Recap: Zevel by Zachary Z. Handler
Last night Latela Curatorial hosted an exhibition opening for Zevel, a photography series by Zachary Z. Handler.
The event was organized in partnership with Dance Place and the Swedish Embassy for the March 2019 edition of DMV Creatives: a space for local DMV community to connect, mingle, and enjoy the multi-disciplinary arts in Brookland/Edgewood. The March 2019s iteration of DMV Creatives featured photographer/visual artist Zachary Z. Handler and dancer/performer Maria Naidu. Latela Curatorial co-hosted this event with Dance Place.Find the press release and information on the collaboration here.
Zachary Z. Handler
trash or garbage
anything useless or discarded
a worthless or disreputable person
The night I called my grandfather to tell him I finally got my hebrew name, “Zevel,” I used the landline phone in my father’s jewelry studio where he was making the ring pictured here in this series. My grandfather, an Orthodox Jew and president of his shul, was so upset that my Hebrew school teacher had given me a name that meant “trash” that he called the school himself to complain.
I have always been an avid collector of items that are typically discarded or left behind: the pull tab from the soda I shared with my failed first kiss, the instructions that came with my golf clubs I only used when my mother punished me by dropping me off at the hitting range or the receipt from my embarrassing sixteenth birthday dinner at Hooters restaurant where my father took me just to see how I reacted to the waitresses. I hold onto these things because they carry a certain magic that runs throughout my life. I save them because they collectively document the history that I have made; souvenirs reminiscent of something I never want to forget.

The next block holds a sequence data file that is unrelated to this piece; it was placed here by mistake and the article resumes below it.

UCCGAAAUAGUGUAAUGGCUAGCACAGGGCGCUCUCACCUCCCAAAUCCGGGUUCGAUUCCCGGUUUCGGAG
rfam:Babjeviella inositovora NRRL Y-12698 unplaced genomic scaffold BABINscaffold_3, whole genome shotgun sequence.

These photographs survey my childhood and adolescent years through a playful balancing act of pop culture ephemera from the 1980s and 1990s stirred together with my own archive of mementos. Their presentation as modern reliquaries is meant to remind us of the innocence and joy that most of us experience during our formative years where we explore our multiple senses of self. They also showcase the sometimes painful realities of growing up othered.
Each still life is partnered by an intimate story which hints at the meaning assigned to the object(s). This is my way of offering a voyeuristic, vicarious touch on these experiences, from first love to first heartbreak and back again. These objects might evoke specific memories for the viewer, a mysterious cross between shared culture and the universal search for identity. “Zevel” is an opportunity to elevate the mundane to the mythical and reconsider our own treasure troves of tangible history.
Photographs of the installation: